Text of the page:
How healthcare issues will affect this week's Democratic primaries in seven states is unclear, particularly after last week's results in New Hampshire, where voters said healthcare was their chief concern, but their votes said otherwise.
At last week's New Hampshire Democratic primary-won by Sen. John Kerry of Massachusetts-several polls showed healthcare as the top issue on voters' minds. In one poll, conducted by the University of New Hampshire Survey Center, healthcare (22%) topped the economy (16%) and the war in Iraq (10%). According to an exit poll taken by Edison Media Research and Mitofsky International, concerns about healthcare and Medicare (28%) also were the top issue, outranking the economy and jobs (22%).
But experts said those concerns did not influence voters' decisions in New Hampshire. "You would be hard-pressed to read (the New Hampshire results) as a referendum on the candidates' healthcare policies," said Richard Killion, a professor and pollster at Franklin Pierce College in Rindge, N.H.
Part of the problem is that there are many similarities among the proposals, which all seek to build upon public programs such as Medicaid and the State Children's Health Insurance Program while trying to create new group options, modeled after the health plan available to federal employees.
Healthcare is a notoriously difficult topic for the public to comprehend, and when many consumers can't say whether they are in an HMO or a fee-for-service plan, it may be too much to ask them to figure out how Kerry's plan to incorporate tax credits is different from Wesley Clark's.
"Most people don't understand the system now, much less trying to understand in a short discussion how things may change," said Art Nichols, senior vice president and chief financial officer at 150-bed Cheshire Medical Center in Keene, N.H.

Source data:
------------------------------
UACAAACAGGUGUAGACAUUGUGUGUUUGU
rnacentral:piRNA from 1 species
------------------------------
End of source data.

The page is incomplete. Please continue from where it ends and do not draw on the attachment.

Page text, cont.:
Messages left with the campaigns of Kerry, Howard Dean, Clark and John Edwards were not returned. At a healthcare conference last week, however, Sarah Bianchi, Kerry's national policy director, alluded to the difficulty of stumping on healthcare issues when she talked about the senator's plan to have the federal government pay 75% of a patient's healthcare cost when it exceeds $50,000.
"I hate talking about these things on the campaign trail," she said. "It's very difficult."
On Feb. 3, representatives from the campaigns of Bush, Kerry, Dean, Clark and Joe Lieberman will discuss their healthcare policies at a forum in Lansing, Mich. Seven states are hosting Democratic primaries this week, and Michigan and Washington will hold their caucuses later this week as well.
William Schuler, president and chief executive officer of 185-bed Portsmouth (N.H.) Regional Hospital, said the swiping and sound-bite nature of the campaigns made it difficult for voters to separate the candidates' stands on issues.
"What happened is that the tone of negativity and attacks and (who was the most electable) and having so many candidates obscured any real issue," he said.
Even with concerns about healthcare central among voters in New Hampshire, in the end what shaped their election decisions was a candidate's electability, Killion said. In polling questions that dealt with that, Kerry did exceptionally well.
In the Edison exit poll, one in four voters said that what mattered most in their decision was whether a candidate could beat President Bush in November. Among that group, Kerry won 60% of the votes. He also won most of the votes among those who said that having the right experience was the most important factor in their decision. Meanwhile, 40% of voters said Dean did not have the right temperament to be president and among this group, most voted for Kerry.